It is simply speculation, but the lower profile masks offered by Wilson may be a contributor to umpire concussions. The lower profile mask sits closer to the face and is flatter with less angles. Jim Kirk asks the question best:

"Physics dictates a flatter low profile umpire mask will divert less force than a more curved standard one, but how much less and is this a significant difference?"

Jim asks a second very important question:

"More padding between the ball and you as in Wilson's wrap around padding is more protective than one with less padding but how much more protective and how significant is this difference to umpires at various levels?"

Hopefully we will have these questions and more attention focused on this matter in the future. In the meantime it looks like we're on our own.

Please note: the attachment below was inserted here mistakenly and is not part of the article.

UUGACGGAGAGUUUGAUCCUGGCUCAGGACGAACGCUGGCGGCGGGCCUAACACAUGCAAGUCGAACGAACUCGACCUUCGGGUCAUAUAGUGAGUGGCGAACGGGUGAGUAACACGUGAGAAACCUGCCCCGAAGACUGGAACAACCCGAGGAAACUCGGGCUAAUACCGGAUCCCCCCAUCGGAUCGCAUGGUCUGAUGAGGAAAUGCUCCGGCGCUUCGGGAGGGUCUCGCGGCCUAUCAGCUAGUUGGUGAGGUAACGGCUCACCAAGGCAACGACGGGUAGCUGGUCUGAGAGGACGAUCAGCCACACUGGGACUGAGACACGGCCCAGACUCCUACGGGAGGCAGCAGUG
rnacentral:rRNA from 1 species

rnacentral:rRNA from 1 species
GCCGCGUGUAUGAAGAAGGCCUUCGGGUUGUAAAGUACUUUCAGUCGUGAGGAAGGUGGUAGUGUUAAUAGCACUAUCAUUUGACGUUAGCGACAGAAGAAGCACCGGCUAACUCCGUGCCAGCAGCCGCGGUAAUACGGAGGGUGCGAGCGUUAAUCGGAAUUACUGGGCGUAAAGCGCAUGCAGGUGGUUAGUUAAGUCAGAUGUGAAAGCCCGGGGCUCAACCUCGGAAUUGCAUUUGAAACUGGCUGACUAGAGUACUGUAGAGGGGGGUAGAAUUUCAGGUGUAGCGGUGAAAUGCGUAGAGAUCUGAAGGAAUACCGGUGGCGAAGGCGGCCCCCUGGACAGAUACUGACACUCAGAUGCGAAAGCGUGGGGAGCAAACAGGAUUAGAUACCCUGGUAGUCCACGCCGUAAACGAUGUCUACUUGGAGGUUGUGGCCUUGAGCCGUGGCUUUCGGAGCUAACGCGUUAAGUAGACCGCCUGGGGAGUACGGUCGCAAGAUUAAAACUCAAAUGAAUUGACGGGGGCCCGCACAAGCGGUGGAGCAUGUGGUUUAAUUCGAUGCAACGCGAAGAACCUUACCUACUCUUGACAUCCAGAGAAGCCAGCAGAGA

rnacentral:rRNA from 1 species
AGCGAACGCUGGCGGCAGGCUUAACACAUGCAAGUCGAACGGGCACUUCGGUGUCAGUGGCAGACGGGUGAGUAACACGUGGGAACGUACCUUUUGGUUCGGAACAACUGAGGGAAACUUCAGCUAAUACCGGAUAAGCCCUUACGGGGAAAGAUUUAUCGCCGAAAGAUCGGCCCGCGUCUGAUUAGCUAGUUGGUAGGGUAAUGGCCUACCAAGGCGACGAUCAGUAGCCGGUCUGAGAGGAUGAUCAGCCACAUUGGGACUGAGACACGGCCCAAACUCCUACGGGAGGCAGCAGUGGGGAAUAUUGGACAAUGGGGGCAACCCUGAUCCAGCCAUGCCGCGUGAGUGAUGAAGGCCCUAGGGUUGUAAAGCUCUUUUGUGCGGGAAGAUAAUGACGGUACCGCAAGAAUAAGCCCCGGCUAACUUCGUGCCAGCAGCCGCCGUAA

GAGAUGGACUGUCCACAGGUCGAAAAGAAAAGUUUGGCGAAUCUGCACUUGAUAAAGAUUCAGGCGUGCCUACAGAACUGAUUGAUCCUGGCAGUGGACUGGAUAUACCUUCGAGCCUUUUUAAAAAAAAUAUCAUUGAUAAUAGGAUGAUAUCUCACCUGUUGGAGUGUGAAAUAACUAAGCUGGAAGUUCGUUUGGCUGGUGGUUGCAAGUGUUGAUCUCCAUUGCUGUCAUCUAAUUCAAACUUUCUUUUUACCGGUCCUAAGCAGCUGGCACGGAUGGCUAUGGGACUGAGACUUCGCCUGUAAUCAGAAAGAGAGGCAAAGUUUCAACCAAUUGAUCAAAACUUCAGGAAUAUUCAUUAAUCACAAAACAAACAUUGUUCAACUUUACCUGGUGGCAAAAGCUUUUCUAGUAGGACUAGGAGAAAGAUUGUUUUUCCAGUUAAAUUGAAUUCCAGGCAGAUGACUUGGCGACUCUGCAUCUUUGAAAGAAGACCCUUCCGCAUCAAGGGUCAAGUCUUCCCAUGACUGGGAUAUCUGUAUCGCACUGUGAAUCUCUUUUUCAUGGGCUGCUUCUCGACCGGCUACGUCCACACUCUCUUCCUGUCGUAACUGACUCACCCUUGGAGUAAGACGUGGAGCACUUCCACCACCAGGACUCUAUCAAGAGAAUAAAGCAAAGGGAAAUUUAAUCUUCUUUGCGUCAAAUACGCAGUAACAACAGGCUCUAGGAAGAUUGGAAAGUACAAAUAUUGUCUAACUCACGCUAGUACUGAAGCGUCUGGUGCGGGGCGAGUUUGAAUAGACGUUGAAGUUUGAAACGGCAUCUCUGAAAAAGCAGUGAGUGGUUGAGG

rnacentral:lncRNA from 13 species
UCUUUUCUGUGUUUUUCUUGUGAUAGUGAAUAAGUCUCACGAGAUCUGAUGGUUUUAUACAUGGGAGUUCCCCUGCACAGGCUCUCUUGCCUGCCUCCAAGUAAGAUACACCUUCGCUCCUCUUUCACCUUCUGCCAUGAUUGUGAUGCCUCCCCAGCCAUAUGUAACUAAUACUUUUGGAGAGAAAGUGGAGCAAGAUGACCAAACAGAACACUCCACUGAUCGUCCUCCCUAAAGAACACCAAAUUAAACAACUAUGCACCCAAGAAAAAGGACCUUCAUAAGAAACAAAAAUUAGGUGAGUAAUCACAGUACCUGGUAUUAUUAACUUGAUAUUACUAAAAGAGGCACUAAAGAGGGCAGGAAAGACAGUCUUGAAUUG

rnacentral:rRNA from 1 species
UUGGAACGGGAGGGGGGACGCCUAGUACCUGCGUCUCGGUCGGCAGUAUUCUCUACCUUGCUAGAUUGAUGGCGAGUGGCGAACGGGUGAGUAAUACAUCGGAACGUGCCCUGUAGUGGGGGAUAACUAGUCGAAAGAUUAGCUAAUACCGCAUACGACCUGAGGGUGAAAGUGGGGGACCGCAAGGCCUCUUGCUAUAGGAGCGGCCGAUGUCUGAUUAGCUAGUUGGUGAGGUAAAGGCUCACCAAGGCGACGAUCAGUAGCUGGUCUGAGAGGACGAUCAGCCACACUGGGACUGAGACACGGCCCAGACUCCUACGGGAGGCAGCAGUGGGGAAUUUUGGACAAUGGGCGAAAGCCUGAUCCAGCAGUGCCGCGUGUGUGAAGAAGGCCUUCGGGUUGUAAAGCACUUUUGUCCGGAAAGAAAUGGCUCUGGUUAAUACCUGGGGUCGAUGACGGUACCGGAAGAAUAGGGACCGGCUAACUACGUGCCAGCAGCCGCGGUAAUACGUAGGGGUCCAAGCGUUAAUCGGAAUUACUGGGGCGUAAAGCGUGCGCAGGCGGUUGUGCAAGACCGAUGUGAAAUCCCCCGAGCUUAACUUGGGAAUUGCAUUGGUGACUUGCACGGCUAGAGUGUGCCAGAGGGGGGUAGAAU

5 comments:

UK Eddie said...

A very thought privoking blog. In this time of over litigation we should expect some form of safty mark or standard from manufacturers. Untill then we umpires will have to swap war stories and learn from others pain, Oh well

Jim Kirk said...

Pete,
Enjoyed reading your article.

Regarding the manufacturers of umpire masks, the type of testing they do is more for durability; tests such as anvil testing and ball impact testing. The manufacturers are going to want to know make sure their mask frame is not going to bend, break or crack with stress.

Regarding NOCSAE certification, there is no NOCSAE reviews for any helmet without an earflap. So the only thing you're going to see a NOCSAE stamp on for umpires are hockey style helmets.

Optimal would be to design a rating for each mask in terms of impact reduction. Weight and height are easy, but wouldn't it be nice to know let's say that one mask had a certain impact reduction rating and another was higher.